In this week celebrating Australia, and all there is to see and do, we continue our plans to “Learn Our Country”, travel the continent, go deeper. We have the whole continent to ourselves.
And today we focus on Queensland.
Queensland is both complementary and contrasty to our way of life; our way of thinking.
There is the coastal, beach, tropical-fruit-and-sundowner culture, for sure — but the Great Barrier Reef, Daintree Rainforest and the buzzy coastal Gold Coast add a twist which, with its more humid climate, make Queensland somewhere different.
But, at the end of a direct flight of less than six hours, we land in Brisbane.
It’s a modern, busy city — but it’s a lush one, too. I’m looking down from a high rooftop in Brisbane’s city centre, at a river edged by parks. Ferries leave white wakes on the choc milk water.
From Brisbane City Botanic Gardens to the Colmslie Beach Reserve, this is a lush city.
And this is the result of an opportunity born of disaster. As you might remember, in 2011, the Brisbane River flooded 22,000 homes and 7600 businesses across 94 suburbs. Infrastructure, transport systems, waterways, parks and community areas were drowned. And since then, Brisbane City Council (and more than $440 million and three years of recovery work) has seen parks, wharves, jetties and pools built.
On my list …
Day out. Theming a day in Brisbane can be driving by getting a ferry ticket. From Eagle Street Pier ferry terminal to North Quay, South Quay and more than 20 other terminals, there is plenty to explore just by catching the river ferries. CityCats (short for catamarans) buzz up and down the river — the best way for us to explore the city. And it you get confused, just stay on the CityCat, do a complete loop, and end up where you started.
Artsy. South Bank is at the heart of the cultural life of Brisbane. And at the heart of that are South Bank’s Queensland Art Gallery and Gallery of Modern Art; Henderson Gallery, Institute of Modern Art in up and coming Fortitude Valley. A CityCat ride away, at New Farm Park, Brisbane Powerhouse hosts shows and festivals.
Foody. Brissie does well in the dining stakes. Very well. Old favourite restaurants have survived; hot new ones like Coppa, Will & Flow, Felons Barrel Hall and Boom Boom Room Izakaya have been added.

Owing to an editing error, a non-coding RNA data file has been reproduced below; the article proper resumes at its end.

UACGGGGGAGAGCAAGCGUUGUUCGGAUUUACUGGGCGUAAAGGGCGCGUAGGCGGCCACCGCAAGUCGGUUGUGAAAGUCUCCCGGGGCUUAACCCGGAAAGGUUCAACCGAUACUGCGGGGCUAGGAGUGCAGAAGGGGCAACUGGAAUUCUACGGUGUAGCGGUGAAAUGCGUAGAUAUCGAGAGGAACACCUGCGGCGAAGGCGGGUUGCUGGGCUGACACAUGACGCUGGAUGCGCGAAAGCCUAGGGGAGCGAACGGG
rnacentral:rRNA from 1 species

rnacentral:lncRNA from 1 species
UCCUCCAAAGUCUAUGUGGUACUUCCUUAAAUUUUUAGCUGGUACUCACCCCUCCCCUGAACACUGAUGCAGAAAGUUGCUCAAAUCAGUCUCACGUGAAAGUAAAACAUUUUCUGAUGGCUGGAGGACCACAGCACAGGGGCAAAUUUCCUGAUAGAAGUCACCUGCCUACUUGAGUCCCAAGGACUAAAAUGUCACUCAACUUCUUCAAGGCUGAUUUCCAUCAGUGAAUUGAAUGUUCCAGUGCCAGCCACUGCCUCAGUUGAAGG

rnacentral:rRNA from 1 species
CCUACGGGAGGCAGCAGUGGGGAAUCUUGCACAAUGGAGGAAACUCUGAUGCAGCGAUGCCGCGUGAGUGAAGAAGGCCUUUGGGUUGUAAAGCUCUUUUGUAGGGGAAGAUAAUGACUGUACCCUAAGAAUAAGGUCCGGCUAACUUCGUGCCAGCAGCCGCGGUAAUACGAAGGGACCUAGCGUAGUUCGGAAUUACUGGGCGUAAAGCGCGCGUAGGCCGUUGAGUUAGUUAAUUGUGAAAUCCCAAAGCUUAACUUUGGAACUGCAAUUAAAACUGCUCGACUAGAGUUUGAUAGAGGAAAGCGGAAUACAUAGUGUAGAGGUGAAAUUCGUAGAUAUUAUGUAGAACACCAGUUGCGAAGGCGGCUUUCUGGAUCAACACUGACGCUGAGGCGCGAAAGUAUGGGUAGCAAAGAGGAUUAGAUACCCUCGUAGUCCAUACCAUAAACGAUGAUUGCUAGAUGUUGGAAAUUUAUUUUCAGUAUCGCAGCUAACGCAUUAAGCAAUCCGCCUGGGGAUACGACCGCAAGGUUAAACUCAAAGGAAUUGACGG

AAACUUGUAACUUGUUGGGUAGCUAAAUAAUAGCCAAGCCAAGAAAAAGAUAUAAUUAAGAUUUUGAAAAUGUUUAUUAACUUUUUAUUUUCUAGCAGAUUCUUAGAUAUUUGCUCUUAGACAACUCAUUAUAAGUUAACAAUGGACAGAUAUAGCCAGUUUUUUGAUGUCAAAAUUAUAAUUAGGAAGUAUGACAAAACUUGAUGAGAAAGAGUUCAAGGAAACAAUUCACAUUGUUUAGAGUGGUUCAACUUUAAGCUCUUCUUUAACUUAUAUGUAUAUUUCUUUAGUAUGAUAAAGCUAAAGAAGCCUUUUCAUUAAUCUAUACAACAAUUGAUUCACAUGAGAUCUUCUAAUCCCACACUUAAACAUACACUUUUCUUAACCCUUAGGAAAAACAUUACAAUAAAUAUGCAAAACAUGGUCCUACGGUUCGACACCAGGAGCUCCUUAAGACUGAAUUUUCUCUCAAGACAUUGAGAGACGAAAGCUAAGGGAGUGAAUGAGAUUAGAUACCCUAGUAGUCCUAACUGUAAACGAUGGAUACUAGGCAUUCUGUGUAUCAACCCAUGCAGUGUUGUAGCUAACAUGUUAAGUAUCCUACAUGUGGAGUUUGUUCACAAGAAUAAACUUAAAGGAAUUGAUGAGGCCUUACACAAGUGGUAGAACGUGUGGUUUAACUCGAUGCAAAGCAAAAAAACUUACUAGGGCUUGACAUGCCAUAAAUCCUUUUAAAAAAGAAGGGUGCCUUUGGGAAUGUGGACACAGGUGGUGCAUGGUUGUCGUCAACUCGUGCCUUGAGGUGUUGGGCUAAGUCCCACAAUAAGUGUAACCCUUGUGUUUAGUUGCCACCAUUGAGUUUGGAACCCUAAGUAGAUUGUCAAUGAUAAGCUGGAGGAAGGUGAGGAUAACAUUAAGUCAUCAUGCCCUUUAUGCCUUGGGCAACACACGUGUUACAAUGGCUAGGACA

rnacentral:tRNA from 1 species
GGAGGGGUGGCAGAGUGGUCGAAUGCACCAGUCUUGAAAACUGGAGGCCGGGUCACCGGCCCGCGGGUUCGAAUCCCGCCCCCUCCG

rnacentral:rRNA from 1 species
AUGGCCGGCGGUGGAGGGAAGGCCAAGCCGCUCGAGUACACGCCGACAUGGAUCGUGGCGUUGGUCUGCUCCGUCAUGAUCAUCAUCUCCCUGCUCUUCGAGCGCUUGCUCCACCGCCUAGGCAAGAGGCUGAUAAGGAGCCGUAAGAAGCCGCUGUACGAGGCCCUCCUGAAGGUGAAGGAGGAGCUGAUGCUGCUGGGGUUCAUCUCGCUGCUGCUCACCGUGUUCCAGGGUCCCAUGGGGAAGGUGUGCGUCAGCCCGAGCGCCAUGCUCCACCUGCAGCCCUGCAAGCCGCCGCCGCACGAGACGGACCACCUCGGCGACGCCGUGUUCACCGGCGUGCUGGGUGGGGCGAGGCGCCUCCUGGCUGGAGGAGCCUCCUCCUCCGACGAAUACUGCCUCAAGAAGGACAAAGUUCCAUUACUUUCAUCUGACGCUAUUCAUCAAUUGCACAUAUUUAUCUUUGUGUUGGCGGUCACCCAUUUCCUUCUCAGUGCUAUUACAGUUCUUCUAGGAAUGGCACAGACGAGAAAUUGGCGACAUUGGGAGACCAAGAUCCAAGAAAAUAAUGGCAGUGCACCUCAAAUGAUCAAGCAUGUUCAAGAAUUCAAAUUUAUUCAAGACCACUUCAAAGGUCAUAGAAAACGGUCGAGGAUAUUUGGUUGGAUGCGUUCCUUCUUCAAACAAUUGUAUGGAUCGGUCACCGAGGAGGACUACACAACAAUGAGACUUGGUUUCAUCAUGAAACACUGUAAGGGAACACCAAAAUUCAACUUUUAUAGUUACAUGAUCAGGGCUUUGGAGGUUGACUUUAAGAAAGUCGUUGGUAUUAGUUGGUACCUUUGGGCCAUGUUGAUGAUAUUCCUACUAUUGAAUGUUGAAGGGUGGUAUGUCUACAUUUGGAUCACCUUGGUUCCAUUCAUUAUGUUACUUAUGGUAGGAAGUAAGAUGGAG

Day trip. Visit Moreton Island, one of the world’s biggest sand islands, with beaches, lagoons, and walk trails.
Quay. River Quay, South Bank, is good for for riverfront dining, with River Quay Fish, Stokehouse, Aquitaine, Popolo and The Jetty.
Wharves. New life has been breathed into Howard Smith Wharves, tucked under the Story Bridge. Mr Percival’s, an overwater bar, is popular with locals. The wharves were originally built in the 1930s, to give locals work during the depression. Between the 1960s and the recent refurbishment, they were largely abandoned, but are now heritage listed.
BYRON BAY & NOOSA
They are two big drawcards — two iconic Queensland spots, each with a very different personality.
Byron Bay is an hour south of Brisbane; Noosa two hours north. They both have good beaches, and Byron Bay’s Hinterland and Noosa National Park each have interesting landscapes. They offer similar attitudes and experiences.
Noosa has a Florida Keys feel, everglades, Eumundi markets, Australia Zoo.
Byron Bay has a lighthouse, cape, bars, weekend markets and nearby Nimbin.
Creativity, community, cool and sea culture were stuck into a blender and poured into Byron Bay’s DNA when it was created. And it is an authentic mix. It is what some other places closer to home want to be.
GREAT BARRIER REEF
It’s called “Great” Barrier Reef for a reason. Covering 344,000sqkm, it’s bigger than Italy. Day trip out on boats from Cairns or Port Douglas. And it’s a full day. Quicksilver takes guests out to a pontoon at Agincourt Reef (with lunch and all the trimmings), and there are plenty of others to chose from. My tip is to look for a company with guided snorkelling tours and oceanwalker helmet diving.
Life is lived outdoors all year; there’s a holiday feel. And because Cairns hasn’t got any natural beach, they made their own. The 4800sqm Esplanade Lagoon saltwater pool is the heart of the city and surrounded by boardwalks and tropical parkland with banyan trees.
Head to dinner at Prawn Star, once a prawn trawler, now a floating restaurant serving seafood. And prawns. Add in a drive out to Skyrail Rainforest Cableway.
Insiders in Port Douglas tourism describe it as a “high-end resort hub”, but to me it that old, classic Queensland charm doesn’t hide far under the surface. Walk Macrossan Street on a warm evening and pick from more than 60 restaurants and cafes. Locals like the al fresco seafood at 2Fish, homemade gnocchi at Salsa Bar and Grill and the smoothie bowl at Betty’s Bohemian Beach Café. I’ll be happy with fish and chips on the wharf. Classic.
The Daintree Rainforest is a sort of real-life Jurassic Park. The 1200sqkm between Mossman Gorge and Bloomfield River is 180 million years old — many millions of years older than the Amazon. There are many unique plants and animals in what is one of the planet’s most complex ecosystems. Start at the Daintree Discovery Centre, in Cow Bay, north of Port Douglas, with its 23m canopy tower, 10m aerial walkway and elevated rainforest boardwalks.
Give yourself something to look forward to and plan your incredible trip today. Visit australia.com
There are holiday ideas, trips and itineraries.
You’ll find planning tools and information on everything from road trips to marine life.